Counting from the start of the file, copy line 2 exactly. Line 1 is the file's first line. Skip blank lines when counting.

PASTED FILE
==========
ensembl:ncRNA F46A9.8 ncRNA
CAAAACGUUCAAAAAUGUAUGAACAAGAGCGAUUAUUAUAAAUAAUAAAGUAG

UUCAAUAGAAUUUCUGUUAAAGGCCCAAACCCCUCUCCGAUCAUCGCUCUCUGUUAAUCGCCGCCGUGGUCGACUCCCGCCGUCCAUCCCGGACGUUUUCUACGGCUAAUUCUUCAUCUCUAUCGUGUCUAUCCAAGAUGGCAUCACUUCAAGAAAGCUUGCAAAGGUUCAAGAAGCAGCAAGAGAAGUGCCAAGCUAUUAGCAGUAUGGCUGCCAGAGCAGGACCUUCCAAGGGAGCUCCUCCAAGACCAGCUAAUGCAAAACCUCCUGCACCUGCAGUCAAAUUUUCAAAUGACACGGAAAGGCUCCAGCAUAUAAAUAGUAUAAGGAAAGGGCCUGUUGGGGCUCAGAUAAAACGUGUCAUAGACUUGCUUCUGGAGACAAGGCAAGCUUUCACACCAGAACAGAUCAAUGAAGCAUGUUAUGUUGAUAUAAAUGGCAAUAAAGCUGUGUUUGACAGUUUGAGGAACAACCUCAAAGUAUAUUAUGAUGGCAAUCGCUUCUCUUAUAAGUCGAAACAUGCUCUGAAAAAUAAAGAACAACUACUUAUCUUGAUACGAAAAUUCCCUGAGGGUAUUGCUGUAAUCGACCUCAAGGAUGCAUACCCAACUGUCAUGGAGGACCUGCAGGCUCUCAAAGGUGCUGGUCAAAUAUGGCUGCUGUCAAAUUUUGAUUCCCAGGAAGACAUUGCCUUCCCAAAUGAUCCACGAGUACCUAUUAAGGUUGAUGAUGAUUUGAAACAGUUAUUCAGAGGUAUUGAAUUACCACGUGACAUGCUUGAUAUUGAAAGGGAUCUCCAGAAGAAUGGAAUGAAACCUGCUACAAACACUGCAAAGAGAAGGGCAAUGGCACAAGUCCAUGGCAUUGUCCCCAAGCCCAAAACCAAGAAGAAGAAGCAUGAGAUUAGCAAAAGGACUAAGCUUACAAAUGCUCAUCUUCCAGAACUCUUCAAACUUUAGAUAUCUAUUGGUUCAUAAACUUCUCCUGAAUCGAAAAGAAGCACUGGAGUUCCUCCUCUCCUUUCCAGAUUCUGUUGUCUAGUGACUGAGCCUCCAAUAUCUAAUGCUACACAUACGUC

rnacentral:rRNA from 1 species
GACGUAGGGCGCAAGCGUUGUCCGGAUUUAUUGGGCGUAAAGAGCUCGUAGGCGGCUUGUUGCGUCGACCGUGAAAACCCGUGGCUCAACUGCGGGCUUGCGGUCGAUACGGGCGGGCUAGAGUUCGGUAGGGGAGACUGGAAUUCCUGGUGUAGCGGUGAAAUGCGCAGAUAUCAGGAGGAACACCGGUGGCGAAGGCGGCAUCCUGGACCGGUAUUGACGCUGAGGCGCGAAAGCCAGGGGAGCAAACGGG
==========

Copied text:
CAAAACGUUCAAAAAUGUAUGAACAAGAGCGAUUAUUAUAAAUAAUAAAGUAG